Hannu Palovuori Photography | Rally Cross

Rally Cross

July 05, 2018  •  Leave a Comment

 

   If you have ever dreamt about racing cars, you should not give up on the dream! At club level Rallycross racing is about as affordable as possible - experience is satisfying and the racing is real.  Rallycross should not be confused with stage rally, which takes place on long road courses and involves a co-driver acting as navigator. Rallycross is a form of sprint style automobile racing, held on a closed mixed surface racing circuit with modified production or specially built road cars, similar to World Rally Cars.   I will first tell you about the very expensive form of Rally cross, the FIA sanctioned World Rallycross Championship (August 04-05 2018 Trois Rivier QC, Canadian round), and then give you a glimpse to the club level racing.                               I was recently privileged to be granted access to Kitchener-Waterloo Rally Club races in Port Colbourne ON, and all the images are from that race.

     "Kill All Tires"

     It is a bumper sticker that truly describes the philosophy of World Rallycross racing series. The FIA racing series is rather new, it kicked off in 2014. It has 12 races with one as I mentioned in Canada.

     The cars in RX Supercar class are virtual monsters. They feature turbocharged 2.0 liter 4 cylinder engine that puts out 600 horsepower and 664 pound-feet of torgue.  Manual transmissions must be used.  Total weight is limited to 2866 pounds, which includes the driver.  With the power put to all four wheels, these cars can accelerate 0 to 60 mph in 1.9 seconds, which is faster than Formula 1 cars.  The RX Lites cars use same basic setup, but they only make 310 horsepower.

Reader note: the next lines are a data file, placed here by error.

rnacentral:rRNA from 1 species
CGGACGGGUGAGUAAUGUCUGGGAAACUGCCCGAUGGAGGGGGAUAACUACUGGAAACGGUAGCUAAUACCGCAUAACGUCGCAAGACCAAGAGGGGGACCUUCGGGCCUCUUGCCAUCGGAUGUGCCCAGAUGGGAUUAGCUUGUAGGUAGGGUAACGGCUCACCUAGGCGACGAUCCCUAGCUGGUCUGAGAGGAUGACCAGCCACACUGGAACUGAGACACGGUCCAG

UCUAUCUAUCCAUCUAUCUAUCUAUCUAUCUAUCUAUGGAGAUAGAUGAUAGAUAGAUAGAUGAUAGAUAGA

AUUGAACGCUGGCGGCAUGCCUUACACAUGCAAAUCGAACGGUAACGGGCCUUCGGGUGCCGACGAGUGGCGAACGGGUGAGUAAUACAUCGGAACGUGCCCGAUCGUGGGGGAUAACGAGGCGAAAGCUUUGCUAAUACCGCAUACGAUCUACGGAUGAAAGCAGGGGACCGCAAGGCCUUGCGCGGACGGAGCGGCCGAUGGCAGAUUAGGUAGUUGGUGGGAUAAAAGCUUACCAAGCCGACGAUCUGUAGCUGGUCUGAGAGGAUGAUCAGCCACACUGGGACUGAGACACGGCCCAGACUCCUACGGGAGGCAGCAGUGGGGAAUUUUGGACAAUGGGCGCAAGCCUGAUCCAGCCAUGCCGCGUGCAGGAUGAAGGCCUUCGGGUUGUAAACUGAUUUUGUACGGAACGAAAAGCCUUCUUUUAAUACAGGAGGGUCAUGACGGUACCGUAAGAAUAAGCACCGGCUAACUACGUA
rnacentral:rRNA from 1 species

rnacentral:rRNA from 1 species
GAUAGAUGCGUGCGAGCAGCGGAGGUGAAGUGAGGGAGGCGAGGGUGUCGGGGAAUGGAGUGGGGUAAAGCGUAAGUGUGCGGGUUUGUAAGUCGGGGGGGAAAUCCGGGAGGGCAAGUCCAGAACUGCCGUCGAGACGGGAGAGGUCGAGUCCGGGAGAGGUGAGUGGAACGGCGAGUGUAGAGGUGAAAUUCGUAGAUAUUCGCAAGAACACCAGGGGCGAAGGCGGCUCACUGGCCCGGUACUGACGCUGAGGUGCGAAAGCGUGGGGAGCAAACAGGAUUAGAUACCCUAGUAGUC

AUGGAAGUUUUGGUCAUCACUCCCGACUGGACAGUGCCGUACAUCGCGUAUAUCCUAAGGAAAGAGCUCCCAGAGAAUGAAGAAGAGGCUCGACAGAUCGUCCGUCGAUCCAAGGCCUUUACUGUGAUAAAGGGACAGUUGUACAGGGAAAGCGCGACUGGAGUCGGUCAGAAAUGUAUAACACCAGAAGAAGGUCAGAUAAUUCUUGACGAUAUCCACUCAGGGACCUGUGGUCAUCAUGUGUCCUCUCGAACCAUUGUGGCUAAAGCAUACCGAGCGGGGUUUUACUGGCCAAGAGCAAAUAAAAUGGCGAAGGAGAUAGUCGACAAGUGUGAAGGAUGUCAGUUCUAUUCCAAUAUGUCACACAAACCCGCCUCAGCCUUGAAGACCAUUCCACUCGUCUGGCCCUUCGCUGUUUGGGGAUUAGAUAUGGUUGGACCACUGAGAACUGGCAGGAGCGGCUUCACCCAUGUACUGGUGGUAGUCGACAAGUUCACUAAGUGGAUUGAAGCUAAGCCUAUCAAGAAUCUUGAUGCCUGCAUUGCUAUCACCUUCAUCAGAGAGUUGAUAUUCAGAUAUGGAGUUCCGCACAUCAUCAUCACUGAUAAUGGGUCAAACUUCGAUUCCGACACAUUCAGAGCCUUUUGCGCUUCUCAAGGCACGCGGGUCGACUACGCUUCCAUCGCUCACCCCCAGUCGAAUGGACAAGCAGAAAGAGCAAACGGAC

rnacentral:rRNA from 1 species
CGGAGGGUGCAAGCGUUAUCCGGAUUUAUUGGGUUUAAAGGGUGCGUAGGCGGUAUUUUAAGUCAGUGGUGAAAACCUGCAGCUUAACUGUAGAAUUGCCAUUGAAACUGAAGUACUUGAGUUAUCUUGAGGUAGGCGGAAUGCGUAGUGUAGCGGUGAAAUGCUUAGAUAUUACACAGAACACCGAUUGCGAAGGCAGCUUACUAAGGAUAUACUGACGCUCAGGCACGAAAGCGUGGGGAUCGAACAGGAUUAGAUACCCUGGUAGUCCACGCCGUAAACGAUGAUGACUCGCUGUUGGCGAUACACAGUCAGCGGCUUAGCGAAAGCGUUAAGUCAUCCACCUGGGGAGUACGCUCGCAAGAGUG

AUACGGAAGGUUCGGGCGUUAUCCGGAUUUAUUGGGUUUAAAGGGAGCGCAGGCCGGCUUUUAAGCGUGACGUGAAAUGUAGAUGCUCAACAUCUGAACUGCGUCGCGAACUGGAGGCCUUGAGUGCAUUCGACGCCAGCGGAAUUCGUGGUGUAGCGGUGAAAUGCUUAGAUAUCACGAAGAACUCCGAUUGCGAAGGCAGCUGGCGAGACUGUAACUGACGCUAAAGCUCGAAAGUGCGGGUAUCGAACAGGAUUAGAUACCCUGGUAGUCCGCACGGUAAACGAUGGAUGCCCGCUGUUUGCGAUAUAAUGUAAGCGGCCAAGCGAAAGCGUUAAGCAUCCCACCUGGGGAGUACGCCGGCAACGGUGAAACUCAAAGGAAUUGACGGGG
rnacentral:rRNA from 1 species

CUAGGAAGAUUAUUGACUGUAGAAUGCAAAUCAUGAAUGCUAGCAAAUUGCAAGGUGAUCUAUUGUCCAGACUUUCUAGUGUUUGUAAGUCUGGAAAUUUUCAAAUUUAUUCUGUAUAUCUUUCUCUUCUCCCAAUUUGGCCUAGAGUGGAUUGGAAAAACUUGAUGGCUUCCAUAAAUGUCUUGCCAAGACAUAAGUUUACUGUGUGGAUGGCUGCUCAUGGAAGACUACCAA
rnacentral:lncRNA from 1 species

All cars are based on factory models, mostly subcompacts with some compacts as well. They are pure race cars with full roll cages, modified structures, aerodynamic panels and big rear wings.  On the track they can do things that most other race cars cannot. Gain traction on tarmac and dirt, have suspension travel to survive jumps, drifting sliding and carve a line through a turn.

     The racing is two-day affair within amphitheatre style venues that let fans in the stands see most of the action.  The tracks are made of both asphalt and dirt and they each include a jump or two.  They are also short, in Trois Riviers circuit fastest lap times were around 50 seconds.  In every race, each driver has to take one "Joker lap". It is not as much of a lap as it is an extra turn that adds a few seconds to the lap time and mixes up the running order.  Tire strategy is very important.  Teams only get two sets of tires to use over the two days, so one set for qualifying and a fresh set for semi-finals.

     The racing is fantastic. Drivers exercise incredible car control over varied surfaces. While the cars do not endure long stints, but they do take a beating. The jumps challenge suspension, tires and front facias.  The tight turns result in fender to fender and fender to dirt action. Short races mean that drivers have to be aggressive and make their moves as soon as possible.